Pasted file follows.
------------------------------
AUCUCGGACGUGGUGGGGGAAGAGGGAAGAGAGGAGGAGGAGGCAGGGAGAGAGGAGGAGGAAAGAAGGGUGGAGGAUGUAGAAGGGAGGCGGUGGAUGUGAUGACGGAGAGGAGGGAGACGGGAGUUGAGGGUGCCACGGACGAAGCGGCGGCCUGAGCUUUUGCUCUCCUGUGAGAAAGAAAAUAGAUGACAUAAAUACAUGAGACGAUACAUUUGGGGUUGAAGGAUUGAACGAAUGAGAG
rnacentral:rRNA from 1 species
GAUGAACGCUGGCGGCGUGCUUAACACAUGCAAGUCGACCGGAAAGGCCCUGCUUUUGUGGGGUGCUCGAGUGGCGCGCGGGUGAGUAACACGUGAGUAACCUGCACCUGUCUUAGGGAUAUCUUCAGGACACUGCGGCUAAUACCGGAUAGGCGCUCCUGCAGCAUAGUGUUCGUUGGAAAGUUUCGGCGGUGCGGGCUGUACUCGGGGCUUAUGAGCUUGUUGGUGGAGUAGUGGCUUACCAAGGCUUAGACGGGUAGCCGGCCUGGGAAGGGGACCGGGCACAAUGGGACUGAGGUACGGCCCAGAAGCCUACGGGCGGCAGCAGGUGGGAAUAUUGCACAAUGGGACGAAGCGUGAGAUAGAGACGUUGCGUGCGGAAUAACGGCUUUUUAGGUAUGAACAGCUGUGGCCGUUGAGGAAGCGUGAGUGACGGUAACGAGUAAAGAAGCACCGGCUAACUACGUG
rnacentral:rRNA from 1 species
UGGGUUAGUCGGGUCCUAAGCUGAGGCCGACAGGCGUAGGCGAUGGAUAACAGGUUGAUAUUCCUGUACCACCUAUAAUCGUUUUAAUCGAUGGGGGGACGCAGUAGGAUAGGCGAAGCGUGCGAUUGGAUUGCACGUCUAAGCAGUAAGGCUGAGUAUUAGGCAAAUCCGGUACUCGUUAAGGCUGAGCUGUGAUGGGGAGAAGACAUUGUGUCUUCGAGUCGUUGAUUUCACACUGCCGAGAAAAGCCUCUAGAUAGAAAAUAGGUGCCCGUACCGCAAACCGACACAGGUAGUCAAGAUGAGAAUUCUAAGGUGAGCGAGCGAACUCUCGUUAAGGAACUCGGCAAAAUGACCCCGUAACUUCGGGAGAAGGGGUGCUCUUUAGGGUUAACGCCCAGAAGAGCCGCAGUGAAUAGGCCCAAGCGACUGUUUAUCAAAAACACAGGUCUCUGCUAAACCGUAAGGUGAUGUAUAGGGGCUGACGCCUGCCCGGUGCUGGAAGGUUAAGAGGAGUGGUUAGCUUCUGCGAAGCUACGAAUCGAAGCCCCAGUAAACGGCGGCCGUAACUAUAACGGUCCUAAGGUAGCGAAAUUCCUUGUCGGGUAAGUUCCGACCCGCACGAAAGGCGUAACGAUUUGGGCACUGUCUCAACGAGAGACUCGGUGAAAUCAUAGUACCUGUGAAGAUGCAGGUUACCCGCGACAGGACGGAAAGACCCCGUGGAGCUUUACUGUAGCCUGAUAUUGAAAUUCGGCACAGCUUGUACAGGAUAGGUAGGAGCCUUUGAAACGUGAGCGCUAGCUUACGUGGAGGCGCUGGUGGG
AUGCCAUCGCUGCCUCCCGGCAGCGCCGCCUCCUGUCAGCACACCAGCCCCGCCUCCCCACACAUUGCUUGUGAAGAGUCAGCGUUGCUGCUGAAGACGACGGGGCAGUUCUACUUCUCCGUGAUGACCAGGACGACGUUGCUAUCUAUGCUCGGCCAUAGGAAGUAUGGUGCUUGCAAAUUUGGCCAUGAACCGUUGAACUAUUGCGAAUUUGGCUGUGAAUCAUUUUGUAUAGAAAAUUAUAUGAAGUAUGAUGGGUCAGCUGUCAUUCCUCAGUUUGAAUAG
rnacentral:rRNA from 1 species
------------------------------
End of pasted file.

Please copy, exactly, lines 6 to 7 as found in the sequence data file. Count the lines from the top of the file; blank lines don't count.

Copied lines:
AUGCCAUCGCUGCCUCCCGGCAGCGCCGCCUCCUGUCAGCACACCAGCCCCGCCUCCCCACACAUUGCUUGUGAAGAGUCAGCGUUGCUGCUGAAGACGACGGGGCAGUUCUACUUCUCCGUGAUGACCAGGACGACGUUGCUAUCUAUGCUCGGCCAUAGGAAGUAUGGUGCUUGCAAAUUUGGCCAUGAACCGUUGAACUAUUGCGAAUUUGGCUGUGAAUCAUUUUGUAUAGAAAAUUAUAUGAAGUAUGAUGGGUCAGCUGUCAUUCCUCAGUUUGAAUAG
rnacentral:rRNA from 1 species